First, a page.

Groundbreaking ‘Airbnb for Butterflies’ Now Open for Business, Donations
The monarch butterfly has a new chance at recovery, thanks to an innovative program seeking to crowdsource funding and habitat for the beloved species at an unprecedented scale and pace.
"The Monarch Butterfly Habitat Exchange is a market-based solution for restoring and conserving high-quality monarch habitat on America's private working lands," said David Wolfe, director of conservation strategy and habitat markets at Environmental Defense Fund. "We like to call it an 'Airbnb for butterflies' because it's the only program of its kind that can open the vast untapped potential of large-scale farms and ranches to make habitat available for monarchs, fast."
Studies estimate that the monarch butterfly's population has declined by 95 percent since the 1980s.
"The monarch faces a June 2019 deadline for an Endangered Species Act listing decision," Wolfe said. "To change the monarch's trajectory and avoid the need for restrictive regulations that often accompany a listing, we need to restore millions of acres of native milkweed and wildflowers across the butterfly's vast migration route."
"Agricultural lands make up roughly half of the acreage required to recover the monarch," Wolfe added, "so recruiting farmers and ranchers who manage these large-scale landscapes will be a game changer."
Through the exchange, landowners are paid to create, maintain and improve habitat on their property through a variety of restoration activities.
"The exchange incorporates robust science, close monitoring and transparent reporting to ensure that each dollar achieves the most bang for the buck, and for the butterfly," Wolfe said.
Potential investors and donors include food, chemical and seed companies, state farm bureaus, wildlife agencies, philanthropic organizations and concerned citizens. All funds raised through the exchange are directed to Biodiversity Works, a Texas-based nonprofit responsible for administering the program.
"We anticipate a broad range of private and public funding sources from various companies, associations and individuals looking to achieve corporate sustainability goals, maximize conservation outcomes, and ensure that the monarch butterfly stays off the endangered species list," Wolfe said.
Smithfield Foods, a global food company that is also the world's largest hog producer and pork processor, is the first food company to participate in the program, contributing $300,000 to restore key prairie habitat for monarchs in Missouri. Smithfield invested in this project because of its multiple sustainability benefits, including providing habitat for pollinators, water quality benefits, carbon sequestration and biomass for biogas revenue.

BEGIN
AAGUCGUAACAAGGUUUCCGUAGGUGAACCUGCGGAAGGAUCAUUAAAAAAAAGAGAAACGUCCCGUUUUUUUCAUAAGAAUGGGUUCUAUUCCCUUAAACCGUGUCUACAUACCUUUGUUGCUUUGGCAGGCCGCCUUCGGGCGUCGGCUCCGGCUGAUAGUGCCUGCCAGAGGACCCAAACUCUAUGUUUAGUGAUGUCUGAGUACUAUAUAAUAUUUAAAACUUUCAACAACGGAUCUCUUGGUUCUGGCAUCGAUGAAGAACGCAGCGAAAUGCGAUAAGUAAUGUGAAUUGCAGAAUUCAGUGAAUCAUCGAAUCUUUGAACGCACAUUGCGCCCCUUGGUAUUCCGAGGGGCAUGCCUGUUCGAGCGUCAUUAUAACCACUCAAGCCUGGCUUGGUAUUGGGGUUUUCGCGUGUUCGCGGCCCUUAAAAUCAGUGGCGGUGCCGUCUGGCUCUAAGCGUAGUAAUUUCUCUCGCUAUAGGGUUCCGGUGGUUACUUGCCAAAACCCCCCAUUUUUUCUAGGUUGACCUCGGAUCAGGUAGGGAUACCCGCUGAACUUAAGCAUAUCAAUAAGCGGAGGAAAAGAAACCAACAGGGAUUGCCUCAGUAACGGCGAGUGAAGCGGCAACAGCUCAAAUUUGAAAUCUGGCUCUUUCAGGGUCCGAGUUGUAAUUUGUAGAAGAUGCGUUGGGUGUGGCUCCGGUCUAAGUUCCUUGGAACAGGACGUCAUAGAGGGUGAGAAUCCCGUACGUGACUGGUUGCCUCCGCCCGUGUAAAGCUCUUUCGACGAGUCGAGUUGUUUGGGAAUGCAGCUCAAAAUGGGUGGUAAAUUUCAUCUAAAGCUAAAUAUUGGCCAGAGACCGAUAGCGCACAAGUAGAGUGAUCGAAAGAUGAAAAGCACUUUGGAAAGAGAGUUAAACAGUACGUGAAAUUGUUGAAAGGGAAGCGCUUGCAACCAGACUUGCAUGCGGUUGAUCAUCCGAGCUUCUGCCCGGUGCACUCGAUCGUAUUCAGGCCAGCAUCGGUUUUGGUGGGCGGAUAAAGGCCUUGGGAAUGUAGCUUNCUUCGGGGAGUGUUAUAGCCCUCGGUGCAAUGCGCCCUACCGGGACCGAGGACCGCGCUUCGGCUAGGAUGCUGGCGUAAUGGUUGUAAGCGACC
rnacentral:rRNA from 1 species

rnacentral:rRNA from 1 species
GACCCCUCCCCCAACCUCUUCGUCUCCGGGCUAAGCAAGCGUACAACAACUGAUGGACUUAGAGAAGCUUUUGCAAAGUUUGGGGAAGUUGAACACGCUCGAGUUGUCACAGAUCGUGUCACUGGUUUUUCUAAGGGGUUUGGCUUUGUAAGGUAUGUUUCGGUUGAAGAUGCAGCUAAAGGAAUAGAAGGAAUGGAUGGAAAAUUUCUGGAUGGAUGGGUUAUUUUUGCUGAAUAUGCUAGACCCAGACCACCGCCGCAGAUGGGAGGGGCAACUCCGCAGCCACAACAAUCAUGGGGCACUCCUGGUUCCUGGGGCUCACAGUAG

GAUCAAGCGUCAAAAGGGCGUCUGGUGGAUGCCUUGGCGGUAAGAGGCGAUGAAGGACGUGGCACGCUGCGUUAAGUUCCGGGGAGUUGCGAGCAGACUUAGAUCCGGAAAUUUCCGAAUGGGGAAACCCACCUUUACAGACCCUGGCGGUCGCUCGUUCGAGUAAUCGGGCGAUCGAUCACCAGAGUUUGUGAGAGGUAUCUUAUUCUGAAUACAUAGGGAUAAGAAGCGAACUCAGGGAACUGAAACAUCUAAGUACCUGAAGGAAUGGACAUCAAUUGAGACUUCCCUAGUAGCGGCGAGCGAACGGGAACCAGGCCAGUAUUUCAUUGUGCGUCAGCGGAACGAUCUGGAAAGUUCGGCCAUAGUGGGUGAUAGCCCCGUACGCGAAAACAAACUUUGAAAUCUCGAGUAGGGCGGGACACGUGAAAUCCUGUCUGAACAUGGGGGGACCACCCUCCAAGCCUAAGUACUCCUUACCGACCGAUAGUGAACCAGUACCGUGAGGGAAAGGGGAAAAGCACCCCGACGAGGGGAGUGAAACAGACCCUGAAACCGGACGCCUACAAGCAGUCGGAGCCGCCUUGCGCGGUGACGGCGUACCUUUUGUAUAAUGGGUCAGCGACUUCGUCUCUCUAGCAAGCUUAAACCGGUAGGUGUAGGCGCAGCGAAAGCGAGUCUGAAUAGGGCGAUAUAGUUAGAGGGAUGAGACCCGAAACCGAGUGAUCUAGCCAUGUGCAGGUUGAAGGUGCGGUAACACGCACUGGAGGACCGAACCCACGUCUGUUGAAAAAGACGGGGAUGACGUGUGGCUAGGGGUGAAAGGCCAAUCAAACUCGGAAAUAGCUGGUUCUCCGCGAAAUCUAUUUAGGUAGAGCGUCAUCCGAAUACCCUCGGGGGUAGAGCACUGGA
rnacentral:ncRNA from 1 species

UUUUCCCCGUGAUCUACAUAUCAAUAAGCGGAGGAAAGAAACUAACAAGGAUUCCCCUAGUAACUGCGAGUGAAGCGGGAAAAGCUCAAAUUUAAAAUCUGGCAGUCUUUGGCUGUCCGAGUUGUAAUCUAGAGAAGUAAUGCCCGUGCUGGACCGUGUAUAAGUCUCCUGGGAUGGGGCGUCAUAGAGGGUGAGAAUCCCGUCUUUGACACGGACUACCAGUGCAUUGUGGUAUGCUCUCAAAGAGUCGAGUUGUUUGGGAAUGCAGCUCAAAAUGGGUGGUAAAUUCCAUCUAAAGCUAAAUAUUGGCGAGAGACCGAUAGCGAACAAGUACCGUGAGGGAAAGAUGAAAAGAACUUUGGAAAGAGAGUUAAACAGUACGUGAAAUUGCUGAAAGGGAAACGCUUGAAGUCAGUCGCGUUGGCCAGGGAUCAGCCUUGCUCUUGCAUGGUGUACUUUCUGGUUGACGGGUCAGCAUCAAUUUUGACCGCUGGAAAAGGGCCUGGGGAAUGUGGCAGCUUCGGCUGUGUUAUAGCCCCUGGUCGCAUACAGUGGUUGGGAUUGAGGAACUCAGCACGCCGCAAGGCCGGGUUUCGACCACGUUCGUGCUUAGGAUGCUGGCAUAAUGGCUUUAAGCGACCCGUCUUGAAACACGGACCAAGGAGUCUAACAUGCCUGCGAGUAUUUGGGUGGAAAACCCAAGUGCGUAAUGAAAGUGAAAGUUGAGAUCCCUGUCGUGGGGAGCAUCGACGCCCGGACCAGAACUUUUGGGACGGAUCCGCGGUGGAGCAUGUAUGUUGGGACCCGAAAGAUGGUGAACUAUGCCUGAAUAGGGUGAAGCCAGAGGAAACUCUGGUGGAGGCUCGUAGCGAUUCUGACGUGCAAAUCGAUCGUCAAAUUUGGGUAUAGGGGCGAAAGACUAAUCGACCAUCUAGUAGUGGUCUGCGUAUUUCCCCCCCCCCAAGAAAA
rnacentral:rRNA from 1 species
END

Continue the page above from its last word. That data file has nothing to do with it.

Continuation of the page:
"Participating in the Monarch Butterfly Habitat Exchange is a commitment to our employees, our producers, and our customers who care about wildlife and the multiple other environmental benefits that this program will achieve," said Kraig Westerbeek, senior director of Smithfield Renewables and Hog Production Division Environmental Affairs for Smithfield Foods. "We want to do our part to make sure that monarchs continue to thrive and play their significant role in our ecosystem."
The exchange is currently focused on developing projects in Missouri, Texas and California. Projects range from full prairie restoration to supplemental planting of milkweed within marginal agricultural fields. Milkweed is vital to monarch success, since butterflies lay their eggs and caterpillars feed exclusively on the milky sap-filled plant.
Amy Greer is a sixth-generation rancher in Brady, Texas. She and her husband, George, decided to participate in the exchange to help re-establish native milkweed and wildflowers on their ranch. Amy is also a trained wildlife biologist.
"George and I both understand how important ecological diversity is for all the plants, animals, insects and birds that live here on the ranch aside from us and our cattle," Amy said. "We also understand the importance of pollinators to the larger food system, so anything we can do to improve habitat for bees and butterflies is important to us."
Landowners, agribusiness leaders, philanthropic foundations and concerned citizens can help support projects on the ground by contacting the exchange or donating through the Monarch Butterfly Habitat Exchange website.